I’ve been reading a book called ‘Raise Your Kids without Raising Your Voice‘ and in the first chapter Sarah Chana Radcliffe talks about the 80/20 ratio of how we talk to our children.  She says:

“Eight out of ten parenting moments should be pleasant ones from the child’s point of view. Ideally, 100% of parental interactions are meant for the well-being of the child; however, not all interventions feel good to the child….Typical good-feeling interactions include smiling, hugging, touching, giving compliments, praising, using affectionate names, verbalizing love and affection, listening, playing, joking, giving treats, showing interest, sharing ideas and helping. … Typical bad-feeling interactions include yelling, criticizing, correcting, looking angry or displeased, complaining, ignoring, reprimanding, threatening, punishing, nagging, lecturing, interrogating, insulting, supervising, commanding, directing, and instructing.”

*Note that the bad-feeling interactions aren’t necessarily bad things, they’re just not necessarily ‘feel good’.

Since reading this, I’ve been remarkably conscious of how I speak to Ameli, and what I say to her, and how quickly my 20% quota runs out –especially on commanding, supervising and instructing.

Now, I spend a lot of time with Ameli, but how much of it is quality is debatable. We do a lot together – go to playgrounds, play groups, soft play, for walks, to the coffee shop and so on, but I don’t often play with her, even at the park or soft play – it’s usually more me watching her or talking to her. Neither of those are bad things either, but they’re not always as interactive and dedicated attention as play would be.  I have said before that I don’t really know how to play, and in secret I would admit that I find it boring, and imagination isn’t my strong point.  But I know that I’d love to learn to play, if only someone could teach me, because I realise that in play, and in playful parenting, there’s a lot more opportunity to utilise those good-feeling interactions in every day ways.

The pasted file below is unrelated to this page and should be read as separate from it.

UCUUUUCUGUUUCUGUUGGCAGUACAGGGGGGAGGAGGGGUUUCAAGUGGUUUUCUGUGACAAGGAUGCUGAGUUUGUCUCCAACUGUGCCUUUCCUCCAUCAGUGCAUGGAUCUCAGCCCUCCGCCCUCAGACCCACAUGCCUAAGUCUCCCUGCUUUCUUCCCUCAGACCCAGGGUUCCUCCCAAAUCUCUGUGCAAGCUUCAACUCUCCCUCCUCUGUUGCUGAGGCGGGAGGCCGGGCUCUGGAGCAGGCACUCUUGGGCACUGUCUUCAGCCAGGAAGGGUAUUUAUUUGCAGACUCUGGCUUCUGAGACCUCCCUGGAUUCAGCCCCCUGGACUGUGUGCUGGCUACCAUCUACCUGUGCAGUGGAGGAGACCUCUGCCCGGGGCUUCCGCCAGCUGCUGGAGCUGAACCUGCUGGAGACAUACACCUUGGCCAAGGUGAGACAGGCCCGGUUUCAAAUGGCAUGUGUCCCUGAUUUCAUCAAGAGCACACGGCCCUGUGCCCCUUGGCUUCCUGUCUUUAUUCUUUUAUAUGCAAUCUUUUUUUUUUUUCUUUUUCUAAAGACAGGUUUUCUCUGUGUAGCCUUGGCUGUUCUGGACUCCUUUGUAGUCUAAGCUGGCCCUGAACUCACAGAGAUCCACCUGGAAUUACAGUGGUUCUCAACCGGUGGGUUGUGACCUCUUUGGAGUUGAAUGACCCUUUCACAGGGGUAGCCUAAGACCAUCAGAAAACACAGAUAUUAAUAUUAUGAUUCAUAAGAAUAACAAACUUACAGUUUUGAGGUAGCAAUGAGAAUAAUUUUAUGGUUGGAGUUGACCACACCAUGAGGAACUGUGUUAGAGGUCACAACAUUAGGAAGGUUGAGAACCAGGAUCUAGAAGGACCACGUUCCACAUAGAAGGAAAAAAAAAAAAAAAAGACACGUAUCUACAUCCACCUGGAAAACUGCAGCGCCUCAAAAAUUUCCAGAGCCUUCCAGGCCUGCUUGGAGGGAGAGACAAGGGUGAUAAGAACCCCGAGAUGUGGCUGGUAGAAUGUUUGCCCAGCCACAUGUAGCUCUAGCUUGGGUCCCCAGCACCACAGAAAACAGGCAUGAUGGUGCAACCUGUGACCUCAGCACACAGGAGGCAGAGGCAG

And then someone came along who could (maybe).

Anna, from The Imagination Tree, and Jamie from Hands On: As We Grow have set up a project called 30 Days To Hands On Play, and I’ve decided to try to participate as much as I can. I can’t promise I’ll take part every day or with every challenge, but I can promise that I’m going to try.

For me, and for my children.



Play And Positive Interaction

  1. That sounds like an easy ratio to keep in mind. Did you like the book? I am always up for a good read that would help me be a better parent.

    Also, I hope you have fun exploring playing this month. I think that I also “do” lots of things and have small amounts of playtime many times throughout the day, but aiming for a longer time continuously is a good challenge for me!

    1. @Amanda, Hi Amanda, I’m only on chapter one (I take forever to read books these days) but so far so good. It’s amazing though, the impact the 20/80 thing has had on my interaction with Ameli. Even today I started singing and ‘dancing’ in the car and it made her laugh and join in, which I think counts towards the 80. I look forward to it becoming habit though.

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